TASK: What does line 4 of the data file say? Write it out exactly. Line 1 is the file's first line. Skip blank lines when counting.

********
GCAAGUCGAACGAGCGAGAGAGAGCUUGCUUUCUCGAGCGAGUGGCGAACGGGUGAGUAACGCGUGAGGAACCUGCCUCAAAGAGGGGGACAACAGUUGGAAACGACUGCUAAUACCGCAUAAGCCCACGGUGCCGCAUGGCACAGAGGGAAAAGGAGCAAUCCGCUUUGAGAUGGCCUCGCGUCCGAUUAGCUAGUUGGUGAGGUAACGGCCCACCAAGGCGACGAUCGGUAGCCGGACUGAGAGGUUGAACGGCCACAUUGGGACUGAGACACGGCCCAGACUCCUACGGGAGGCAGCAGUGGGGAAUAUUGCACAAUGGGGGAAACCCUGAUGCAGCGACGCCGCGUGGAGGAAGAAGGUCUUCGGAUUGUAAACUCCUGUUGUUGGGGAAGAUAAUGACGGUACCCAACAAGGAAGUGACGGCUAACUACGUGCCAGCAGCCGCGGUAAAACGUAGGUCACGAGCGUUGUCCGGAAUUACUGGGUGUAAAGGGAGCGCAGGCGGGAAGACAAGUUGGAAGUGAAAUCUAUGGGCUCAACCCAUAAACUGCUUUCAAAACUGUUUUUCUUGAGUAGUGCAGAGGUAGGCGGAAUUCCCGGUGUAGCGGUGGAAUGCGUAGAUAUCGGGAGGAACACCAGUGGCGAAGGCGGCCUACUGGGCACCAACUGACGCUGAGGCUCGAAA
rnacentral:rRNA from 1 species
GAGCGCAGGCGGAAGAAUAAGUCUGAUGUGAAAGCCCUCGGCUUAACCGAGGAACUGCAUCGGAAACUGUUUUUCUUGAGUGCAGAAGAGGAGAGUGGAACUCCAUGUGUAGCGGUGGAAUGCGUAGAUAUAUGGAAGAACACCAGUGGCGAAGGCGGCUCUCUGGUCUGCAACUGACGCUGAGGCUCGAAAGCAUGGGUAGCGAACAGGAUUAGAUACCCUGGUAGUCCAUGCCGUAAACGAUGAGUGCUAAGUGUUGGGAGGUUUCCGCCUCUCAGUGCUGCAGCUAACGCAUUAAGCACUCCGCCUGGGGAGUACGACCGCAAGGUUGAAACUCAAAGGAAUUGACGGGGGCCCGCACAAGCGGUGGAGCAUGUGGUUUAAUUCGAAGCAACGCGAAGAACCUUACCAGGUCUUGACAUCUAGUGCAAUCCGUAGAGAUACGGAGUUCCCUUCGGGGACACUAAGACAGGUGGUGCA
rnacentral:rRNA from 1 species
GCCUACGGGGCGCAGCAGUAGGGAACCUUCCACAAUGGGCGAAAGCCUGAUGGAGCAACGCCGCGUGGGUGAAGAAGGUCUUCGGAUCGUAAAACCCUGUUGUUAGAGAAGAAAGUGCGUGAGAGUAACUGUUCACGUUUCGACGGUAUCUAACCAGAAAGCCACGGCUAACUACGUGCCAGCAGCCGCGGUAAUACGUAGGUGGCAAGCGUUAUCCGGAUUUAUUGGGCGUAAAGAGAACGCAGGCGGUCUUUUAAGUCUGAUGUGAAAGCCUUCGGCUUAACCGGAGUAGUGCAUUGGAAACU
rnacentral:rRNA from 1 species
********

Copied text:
rnacentral:rRNA from 1 species